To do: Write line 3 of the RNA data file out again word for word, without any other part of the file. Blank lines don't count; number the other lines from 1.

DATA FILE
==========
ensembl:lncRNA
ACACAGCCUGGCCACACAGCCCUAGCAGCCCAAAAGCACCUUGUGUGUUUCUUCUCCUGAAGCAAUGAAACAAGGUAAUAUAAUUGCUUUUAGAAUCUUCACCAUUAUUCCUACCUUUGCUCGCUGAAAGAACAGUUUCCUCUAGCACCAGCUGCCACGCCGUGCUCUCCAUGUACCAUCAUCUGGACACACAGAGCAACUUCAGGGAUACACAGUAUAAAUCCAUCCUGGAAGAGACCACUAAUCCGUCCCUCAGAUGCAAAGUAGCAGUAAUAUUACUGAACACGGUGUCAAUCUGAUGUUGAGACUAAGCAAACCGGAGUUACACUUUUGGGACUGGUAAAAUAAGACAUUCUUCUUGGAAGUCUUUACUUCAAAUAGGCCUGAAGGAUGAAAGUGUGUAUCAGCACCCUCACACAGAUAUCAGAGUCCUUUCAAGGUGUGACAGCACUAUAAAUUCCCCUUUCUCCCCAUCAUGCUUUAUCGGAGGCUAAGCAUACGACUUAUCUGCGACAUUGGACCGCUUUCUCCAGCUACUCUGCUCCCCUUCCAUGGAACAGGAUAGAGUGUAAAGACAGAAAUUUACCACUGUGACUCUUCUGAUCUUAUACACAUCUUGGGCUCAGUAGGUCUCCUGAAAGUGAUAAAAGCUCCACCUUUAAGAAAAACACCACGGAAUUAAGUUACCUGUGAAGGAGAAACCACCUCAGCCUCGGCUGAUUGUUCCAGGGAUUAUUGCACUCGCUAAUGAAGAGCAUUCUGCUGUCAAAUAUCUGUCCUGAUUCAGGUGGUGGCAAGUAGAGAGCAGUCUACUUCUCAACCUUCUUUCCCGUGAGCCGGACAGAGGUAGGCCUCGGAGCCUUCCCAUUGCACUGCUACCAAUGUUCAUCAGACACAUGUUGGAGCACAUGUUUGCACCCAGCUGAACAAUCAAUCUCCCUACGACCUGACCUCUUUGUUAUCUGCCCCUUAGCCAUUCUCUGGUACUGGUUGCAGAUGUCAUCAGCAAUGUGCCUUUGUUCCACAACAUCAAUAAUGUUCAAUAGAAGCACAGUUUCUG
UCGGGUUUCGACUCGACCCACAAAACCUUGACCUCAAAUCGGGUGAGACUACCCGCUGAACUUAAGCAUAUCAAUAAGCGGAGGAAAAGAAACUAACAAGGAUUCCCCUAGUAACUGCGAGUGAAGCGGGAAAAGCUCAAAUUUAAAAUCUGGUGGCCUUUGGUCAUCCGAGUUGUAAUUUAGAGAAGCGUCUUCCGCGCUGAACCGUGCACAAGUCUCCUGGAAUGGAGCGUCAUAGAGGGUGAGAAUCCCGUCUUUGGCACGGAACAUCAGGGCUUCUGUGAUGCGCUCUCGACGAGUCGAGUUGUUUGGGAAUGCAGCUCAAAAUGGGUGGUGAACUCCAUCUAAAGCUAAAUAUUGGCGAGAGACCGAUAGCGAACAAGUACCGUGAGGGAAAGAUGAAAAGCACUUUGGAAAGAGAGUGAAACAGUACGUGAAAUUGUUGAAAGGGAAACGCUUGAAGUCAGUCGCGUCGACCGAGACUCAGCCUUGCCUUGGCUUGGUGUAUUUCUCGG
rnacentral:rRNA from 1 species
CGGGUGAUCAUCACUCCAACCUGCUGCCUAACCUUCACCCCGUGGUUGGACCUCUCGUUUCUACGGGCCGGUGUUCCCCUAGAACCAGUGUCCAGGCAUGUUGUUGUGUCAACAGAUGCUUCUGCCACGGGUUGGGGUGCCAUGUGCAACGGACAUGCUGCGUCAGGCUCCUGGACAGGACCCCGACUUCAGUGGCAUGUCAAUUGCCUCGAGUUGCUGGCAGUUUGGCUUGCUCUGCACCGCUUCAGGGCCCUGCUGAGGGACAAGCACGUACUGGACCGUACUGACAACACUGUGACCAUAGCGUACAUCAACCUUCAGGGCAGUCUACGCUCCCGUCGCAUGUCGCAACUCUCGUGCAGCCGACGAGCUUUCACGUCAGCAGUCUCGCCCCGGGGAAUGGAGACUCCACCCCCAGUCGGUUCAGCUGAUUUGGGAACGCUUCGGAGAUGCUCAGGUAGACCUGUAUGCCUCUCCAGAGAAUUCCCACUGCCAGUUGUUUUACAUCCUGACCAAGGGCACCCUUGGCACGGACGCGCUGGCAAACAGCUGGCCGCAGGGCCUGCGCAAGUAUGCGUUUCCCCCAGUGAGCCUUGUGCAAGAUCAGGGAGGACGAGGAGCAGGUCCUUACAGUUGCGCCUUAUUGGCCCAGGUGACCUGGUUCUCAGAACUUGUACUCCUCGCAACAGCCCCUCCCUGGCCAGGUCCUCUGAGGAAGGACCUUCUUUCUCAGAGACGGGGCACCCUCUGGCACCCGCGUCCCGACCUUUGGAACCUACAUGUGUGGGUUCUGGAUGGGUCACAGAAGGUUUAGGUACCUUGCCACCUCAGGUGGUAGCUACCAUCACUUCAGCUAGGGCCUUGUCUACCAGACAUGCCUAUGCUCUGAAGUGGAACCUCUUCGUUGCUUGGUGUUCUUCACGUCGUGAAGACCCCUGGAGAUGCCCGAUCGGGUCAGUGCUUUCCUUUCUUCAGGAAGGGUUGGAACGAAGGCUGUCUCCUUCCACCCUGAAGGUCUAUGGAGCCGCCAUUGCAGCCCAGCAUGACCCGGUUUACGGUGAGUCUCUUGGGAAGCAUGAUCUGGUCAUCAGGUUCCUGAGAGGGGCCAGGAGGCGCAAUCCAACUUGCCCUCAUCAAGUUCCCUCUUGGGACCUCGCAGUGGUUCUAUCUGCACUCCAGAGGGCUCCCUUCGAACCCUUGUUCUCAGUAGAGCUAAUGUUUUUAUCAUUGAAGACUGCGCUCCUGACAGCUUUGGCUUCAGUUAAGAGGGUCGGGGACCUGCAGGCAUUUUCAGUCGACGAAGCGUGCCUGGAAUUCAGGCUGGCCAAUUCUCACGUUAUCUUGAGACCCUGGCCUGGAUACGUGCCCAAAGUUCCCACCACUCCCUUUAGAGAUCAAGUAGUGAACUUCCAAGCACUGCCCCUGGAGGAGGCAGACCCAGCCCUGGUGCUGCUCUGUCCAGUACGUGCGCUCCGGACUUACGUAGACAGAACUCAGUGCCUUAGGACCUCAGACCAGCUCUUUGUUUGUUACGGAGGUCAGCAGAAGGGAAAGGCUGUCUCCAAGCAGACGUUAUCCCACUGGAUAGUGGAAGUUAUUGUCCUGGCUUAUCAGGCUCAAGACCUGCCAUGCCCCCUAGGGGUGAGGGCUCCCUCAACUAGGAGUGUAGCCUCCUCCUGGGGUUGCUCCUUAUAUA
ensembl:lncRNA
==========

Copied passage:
UCGGGUUUCGACUCGACCCACAAAACCUUGACCUCAAAUCGGGUGAGACUACCCGCUGAACUUAAGCAUAUCAAUAAGCGGAGGAAAAGAAACUAACAAGGAUUCCCCUAGUAACUGCGAGUGAAGCGGGAAAAGCUCAAAUUUAAAAUCUGGUGGCCUUUGGUCAUCCGAGUUGUAAUUUAGAGAAGCGUCUUCCGCGCUGAACCGUGCACAAGUCUCCUGGAAUGGAGCGUCAUAGAGGGUGAGAAUCCCGUCUUUGGCACGGAACAUCAGGGCUUCUGUGAUGCGCUCUCGACGAGUCGAGUUGUUUGGGAAUGCAGCUCAAAAUGGGUGGUGAACUCCAUCUAAAGCUAAAUAUUGGCGAGAGACCGAUAGCGAACAAGUACCGUGAGGGAAAGAUGAAAAGCACUUUGGAAAGAGAGUGAAACAGUACGUGAAAUUGUUGAAAGGGAAACGCUUGAAGUCAGUCGCGUCGACCGAGACUCAGCCUUGCCUUGGCUUGGUGUAUUUCUCGG